On August 1, 1944, in the morning, the Home Army Field Curia received orders to participate in the Uprising. Fr. Maj. /Lieut.-Col. Stefan Kowalczyk "Biblia", the District Dean, started at 11 a.m. a briefing with a presence of fourteen subordinate vice-deans and district chaplains. The meeting took place in the Pallotine Friars' house in the Dluga street, which was a pre-war seat of the Field Curia. Commands and tasks were given, organizational settlements for the time of fight presented and a common prayer for the success of the Uprising uttered.
          The first days of the Uprising were tragic for the Home Army Field Curia. The Home Army Chief Chaplain Fr. Col. Tadeusz Joachimowski a.k.a. "Budwicz" at the time of the Uprising outbreak stayed in a house in the Elektoralna street number 47. This house found itself on nobody's ground, between insurgents' posts and German positions. In this situation Fr. "Budwicz" had neither influence on submitted to him ministration service nor contact with both the Home Army Headquarters and the Home Army Warsaw District Headquarters. While waiting for the former's orders, despite information about approaching Germans, he did not withdraw further back the insurgents' terrains and on August 7, together with civilians, fell into the enemy's hands. Germans made him join a group of men driven into a railway loading platform in the Wola district. The group of Polish men was closed in the St. Wojciech church for the night. In the morning, where Germans were leading them to transports, one of guards, having noticed a priest in the group, dragged him out from a line of persons and shot him.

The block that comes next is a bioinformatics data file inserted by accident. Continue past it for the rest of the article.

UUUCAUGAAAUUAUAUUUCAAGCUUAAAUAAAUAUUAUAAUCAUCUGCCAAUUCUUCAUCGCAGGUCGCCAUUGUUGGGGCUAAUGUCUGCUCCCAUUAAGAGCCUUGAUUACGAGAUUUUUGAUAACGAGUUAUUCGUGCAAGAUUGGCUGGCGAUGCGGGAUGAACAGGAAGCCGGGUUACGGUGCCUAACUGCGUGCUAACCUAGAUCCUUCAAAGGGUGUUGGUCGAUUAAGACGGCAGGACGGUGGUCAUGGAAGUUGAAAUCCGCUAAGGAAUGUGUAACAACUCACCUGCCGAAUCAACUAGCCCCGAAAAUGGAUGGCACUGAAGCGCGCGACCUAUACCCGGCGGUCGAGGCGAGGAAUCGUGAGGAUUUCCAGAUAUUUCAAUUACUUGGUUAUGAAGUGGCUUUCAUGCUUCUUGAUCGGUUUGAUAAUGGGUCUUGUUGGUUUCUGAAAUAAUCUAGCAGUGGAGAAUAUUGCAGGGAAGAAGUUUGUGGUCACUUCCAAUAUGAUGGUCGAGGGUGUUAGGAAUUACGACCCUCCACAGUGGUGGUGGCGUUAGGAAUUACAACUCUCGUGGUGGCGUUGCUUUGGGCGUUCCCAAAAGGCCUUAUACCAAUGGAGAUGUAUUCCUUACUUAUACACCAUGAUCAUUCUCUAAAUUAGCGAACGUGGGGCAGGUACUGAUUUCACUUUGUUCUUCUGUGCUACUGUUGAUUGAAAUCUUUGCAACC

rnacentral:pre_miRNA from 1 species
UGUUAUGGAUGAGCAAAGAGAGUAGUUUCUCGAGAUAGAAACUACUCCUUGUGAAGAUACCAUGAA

On August 8 his I substitute Fr. Prelate Col. Jerzy Sienkiewicz a.k.a. "Guzenda" was caught by Germans. He was staying then in his lodging in the Leszno street and was also devoid of contact with the command. Fortunately he did not cast in his lot with his superior. Together with civil inhabitants of Warsaw he was sent to a passing-camp in Pruszkow. After short incidents he was lucky to leave that place; afterwards he went to the Cracow region.
          II substitute Fr. Maj. Stanislaw Malek a.k.a. "Pilica" during the Uprising stayed in the Praga district, so he had no possibility to lead the cure of souls.
          As matters stood, after the Uprising outbreak, the Field Curia did not have the commands, as a matter of fact.
          The most important among chaplains was Fr. Maj. /Lieut.-Col. Stefan Kowalczyk "Biblia", the Warsaw District's dean. He took it upon himself to recreate loosen organizational structures of ministration service, bringing to life the Military Ministry Department by the Home Army Warsaw District Headquarters. Acting as the Chief Chaplain of the Uprising Warsaw Fr. Col. "Biblia", in the middle of August, in his guide's Teresa Wilska custody, went through the sewers to the Old Town where he inspected chaplains living there.